Thursday, 16 November 2017

Not quite in Harmony

Right. So. My final Chinese Wooden Building. For the moment.


This one is quite ambitious in terms of size and complexity. It's the Hall of Supreme Harmony in the Forbidden City. I took it into Shedquarters so I could lay it all out. This makes it to assemble in the end.


For the first time with one of these I decided to paint before hand. I realised I'd have to touch in some of it later, but it seemed like the best option. The printing on this one was in a very light brown and got lost in the grey. I therefore had to draw in the paving slabs by hand, - something that would have been very difficult if I'd assembled it first.


I also had to draw in the black lines on the balustrades, which weren't printed straight. In this case it would have helped to have assembled it so you could see what was intended. You can't win, just as you can't tell from this picture.

The building sits on a three tiered platform which is quite large and stretches across several sheets of pieces. The numbering was a bit hard to follow at this point.


Flipping over you can see it is all held in place with wooden clips. The ones on the base level will need to be cut off and glued so it sits flat.


Damn. Missed painting the rear of the base.


The temple itself is, indeed, red. Or it might be vermillion, because that's the Imperial colour. I painted it red. I remember it being red from when I visited.


You can just see through the entrance into the interior where there's a representation of the throne printed on the wall. I thought everything was going well at this point, but I had missed fitting the doors. Also the lower level roof supports had a different numbering system and need to be fitted right at the very beginning before you put the walls in the base, not at the end as I thought.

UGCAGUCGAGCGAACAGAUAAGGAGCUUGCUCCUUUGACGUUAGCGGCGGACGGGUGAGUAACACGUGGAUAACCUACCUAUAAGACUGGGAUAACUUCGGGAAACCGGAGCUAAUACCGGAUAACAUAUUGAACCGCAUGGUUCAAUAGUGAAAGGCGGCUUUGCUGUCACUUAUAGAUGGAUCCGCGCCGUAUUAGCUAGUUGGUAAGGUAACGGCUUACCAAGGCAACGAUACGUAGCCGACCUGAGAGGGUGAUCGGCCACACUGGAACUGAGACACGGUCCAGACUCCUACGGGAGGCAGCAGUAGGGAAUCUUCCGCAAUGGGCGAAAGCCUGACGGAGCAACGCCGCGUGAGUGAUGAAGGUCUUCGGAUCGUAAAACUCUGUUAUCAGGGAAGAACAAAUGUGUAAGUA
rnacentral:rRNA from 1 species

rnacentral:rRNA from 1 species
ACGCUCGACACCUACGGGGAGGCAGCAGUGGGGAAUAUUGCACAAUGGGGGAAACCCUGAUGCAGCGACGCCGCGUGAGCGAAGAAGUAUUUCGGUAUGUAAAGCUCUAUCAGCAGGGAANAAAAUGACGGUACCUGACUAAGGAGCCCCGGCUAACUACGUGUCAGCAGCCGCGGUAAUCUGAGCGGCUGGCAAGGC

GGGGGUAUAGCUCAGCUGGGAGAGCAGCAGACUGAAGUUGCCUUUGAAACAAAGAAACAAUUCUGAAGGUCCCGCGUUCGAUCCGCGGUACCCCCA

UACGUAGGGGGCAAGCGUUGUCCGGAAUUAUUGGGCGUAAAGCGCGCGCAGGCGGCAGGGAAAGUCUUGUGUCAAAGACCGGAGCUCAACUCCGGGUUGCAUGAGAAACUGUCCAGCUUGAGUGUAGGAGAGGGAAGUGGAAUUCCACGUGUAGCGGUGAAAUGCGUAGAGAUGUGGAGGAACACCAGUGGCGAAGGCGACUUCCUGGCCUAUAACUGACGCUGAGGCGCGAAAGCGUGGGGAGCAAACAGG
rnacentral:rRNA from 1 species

So, anyway, I thought I was doing great, and put the roof on.


Then I took it off again, to fit the doors. Which involved removing the interior walls and two of the side walls. The doors have working hinges, but because of the roof, once you've pushed them open you can't close them again without taking off the roof.


Then I put the roof on and had to take it off again to fit the lower roof. I didn't photograph me doing that, although that also involved removing the interior walls etc.


Once I'd run out of bits I decided I must have finished, so I took it inside to finish the paint work. The golden roof is simply done with my normal tinted varnish, slightly diluted. Shiny.


Then back outside for a quick picture with some Imperial Bannermen on guard. They can stand on all the levels, just not all the way round.

This took the longest of all of these models partly because of how I did the painting. I think that was the right decision, but it did make the wood swell slightly, so some of it was harder to fit together.

Of all of the buildings I think this one might be of the least use, although it does look magnificent. It was also hard on the fingers, like the walled house.

But I am quite proud of it.

8 comments:

  1. Superb results - excellent finish you have applied there...you will certainly get a lot of use from this splendid model.

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    Replies
    1. Funny how wood varnish looks good when applied to wood!

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  2. Replies
    1. Those are 15mm from Irregular miniatures. They are on 30mm x 15mm bases.

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  3. Replies
    1. As long as you don't look too closely!

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